Anecdote # 3: On to La Republica de Mexico. I made the first exploratory trip to Mexico in 1975 with Joe Saunders (then a professor in the Department of Entomology) and with the help of the CIMMYT Golden Boys.  The CIMMYT Golden Boys  were six Cornell graduate students that were doing their thesis research cooperatively in Mexico on mmm (maldito, miserable, maiz) in cooperation with CIMMYT. The students were Mario Ruben Contreras (a Honduran, a plant pathologist, and recently a Dean of the Escuela Agricola Panamericana - Zamorano), Samuel Cephas Muchena (a plant breeder from Zimbabwe), Mario Santos Rodriguez P. (a Colombian soil agronomist), Daniel L. Galt (a U. S. agricultural economist), Khalid Mohamad Nor (a statistician from Malaysia), and Frank B. Peairs (a U. S. entomologist). The program is described in the Cornell International Agriculture Mimeograph 59 entitled An Interdisciplinary Approach to International Agricultural Training: The Cornell-CIMMYT Graduate Student Team Report dated December 1977.

During the trip exploring the feasibility of moving the trip to Mexico notes were taken from CIMMYT headquarters to Poza Rica as follows: It was 340 km to Poza Rica (about 4 hours). From El Bataan the road goes by the pyramids of Teotihuacan. Corn, alfalfa, oats, ejidos, beans, weeds, barley, agave, cactus, dodder, and scroungy looking cows, dairy, horses, mules, burros, and goats were seen from the road. High altitude agriculture. A pulqueria  might be an interesting stop. Descending into the town of Tulancingo crops began to change. Apple orchards, potatoes, plums, peaches, nectarines. Intercropping of maize was noted in an apple orchard. We began to descend into a foggy area where the trees were covered with epiphytes -- Bromiliads and such. Very steep slopes with crops and animals. Finally into an area with avocados near the town of Huachinango. The restaurant there had 8 peso soup, 25 peso steaks, and a beer or a sandwich for 5 pesos (rate of exchange 12 US dollar). Down the road there was a nursery for ornamental plants; bananas, sugarcane, and tree ferns were seen, although there still are piny woods. As the pines disappeared we saw citrus trees, coffee, and then drove into fog and a heavy rain. We saw some slash and burn agriculture on the very steep slopes of the mountains. Papaya and lemon grass. Finally we found cassava. None of the Cornell grad students taking us on the trip even recognized cassava (yuca). Shameful! Before the town of Gilberto Camacho there was the Mexican Institute of Coffee. Lots of Zebu cattle. Pigeon peas, sesame, cassava, maize and squash. Elephant grass. Bamboo. Decent looking pastures. As we got closer to Poza Rica there were large cattle operations and large citrus plantings. We visited the Poza Rica experiment station where several Cornell grad students had experiments.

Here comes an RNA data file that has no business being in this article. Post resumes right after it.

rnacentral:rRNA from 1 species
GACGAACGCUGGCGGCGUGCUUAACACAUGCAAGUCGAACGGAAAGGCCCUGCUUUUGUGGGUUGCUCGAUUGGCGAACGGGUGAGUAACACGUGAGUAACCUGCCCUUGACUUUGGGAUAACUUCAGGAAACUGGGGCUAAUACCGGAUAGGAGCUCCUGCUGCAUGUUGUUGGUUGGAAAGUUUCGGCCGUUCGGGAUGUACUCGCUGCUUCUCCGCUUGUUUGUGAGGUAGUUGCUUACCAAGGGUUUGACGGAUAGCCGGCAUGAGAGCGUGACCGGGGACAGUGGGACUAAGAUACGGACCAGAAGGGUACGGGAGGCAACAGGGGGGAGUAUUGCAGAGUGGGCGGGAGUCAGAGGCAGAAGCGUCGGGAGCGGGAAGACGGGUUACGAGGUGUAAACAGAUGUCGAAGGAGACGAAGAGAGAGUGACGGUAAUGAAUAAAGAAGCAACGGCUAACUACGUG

The evening we were in Poza Rica we drove into town to eat, and were caught in an tremendous rainstorm. The streets of Poza Rica became flooded, and we had to take off our shoes and roll up our pants in order to get to the restaurant -- which had several inches of water on the floor. We were told the shrimp were great, so we all ordered shrimp. One student did not think the order came fast enough and made the mistake of complaining in loud fashion to the waitress. Well, all of our orders came soon enough, but his never did. He was really steamed, but there was little he could do about it. Mexican waitresses do not like to take orders unless given with the proper amount of respect. The shrimp were delicious.

Anecdote # 4: Our first trip to Mexico began with the baggage of 13 people not arriving. Not a propitious way to start the day. As we walked out of customs in the airport, a student came to me almost immediately and said that his travelers checks had just been pickpocketed. Fast work and a high level of expertise that must make Mexican ladrones (thieves) proud. The morning of the day after we arrived we went to the Escuela Nacional de Agricultura  in Chapingo, Mexico. Speakers included Efraim Hernandez X. and Antonio Turrent. Efraim Hernandez de X. gave an especially good talk with some important insights into the agriculture of the traditional farmers in Mexico. Traditional farmers or campesinos constitute the majority of farmers in Mexico, but are given little meaninful help by the government. Efraim (a Cornell graduate in Botany) probably knew as much the plants and agriculture of Latin America as anyone. Almost all Mexican Ing. Agronomos called him El Maestro as a term of respect. One of Efraim Hernandez de X. remarks was: poor Mexico, so far from God, so close to the United States. The students really enjoyed interacting with him. The college gave us a much appreciated lunch.